Finally, the first post of 2009. Once again the Real World has held things up here. We went to Sioux City to pick up my daughter after her week-long stay with her mother. It was a milestone of sorts; the last time we'll be making that trip based on the school calendar. Come graduation on May the whole situation changes, although exactly how has yet to be determined. The daughter has only the vaguest idea what she wants to do; at the moment she and her best friend plan to get an apartment and jobs and take some classes at the "university center" here. We'll see what happens. I just want to get her pointed in a reasonable direction in life, and go from there.
On the way back Saturday we finished up the holidays with a family get-together at my Dad's home in Centerville. It was the usual raucous time with the kids amassing considerable swag. The drive back that evening started OK, then turned nightmarish; northbound on highway 81 visibility deteriorated to the point that my wife watched for the white line on the edge of the road while I worried about the center line. Our speed varied between 10-40 mph for over an hour. I-90 westbound was better but still had enough bursts of zero visibility that we stopped for the night in Mitchell. We had no need to be back that night and I was just tired of it. The drive Sunday was clear and uneventful.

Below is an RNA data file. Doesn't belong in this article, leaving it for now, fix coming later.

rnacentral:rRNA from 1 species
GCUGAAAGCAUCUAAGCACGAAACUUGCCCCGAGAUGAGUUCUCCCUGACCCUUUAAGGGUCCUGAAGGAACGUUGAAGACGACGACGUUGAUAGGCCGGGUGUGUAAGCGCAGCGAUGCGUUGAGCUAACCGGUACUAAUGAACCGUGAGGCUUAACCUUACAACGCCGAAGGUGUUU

We officially ended the holiday season that afternoon with the dismantling of the tree. James Lileks did the same thing.
We stripped the tree, which is always done with an inverse amount of personal attention as you give to the initial festooning. There aren’t any songs you can play while you strip the tree. There aren’t any traditions. You don’t think of the stories behind each ornament. It all goes in the box and you know it’ll seem like just the other day when you pull them out again. The tree goes out today; I’ll prop it up, trunk in the boulevard glacier, so it can pretend it’s a real tree again for the next four days. It will fall over. I’ll put it back up. “Weekend at Bernie’s” for evergreens.
We have a plastic tree, so it was dismembered, put into a giant container with the decorations and carried out to the shed. I agree with James about the general sentiment; you just try not to break anything, while marvelling at how the various strings of lights and garland were somehow applied in such an intricate weave. It does provide a good stopping point for the season and the year,though. Onward into 2009; next major stop, the daughter's graduation.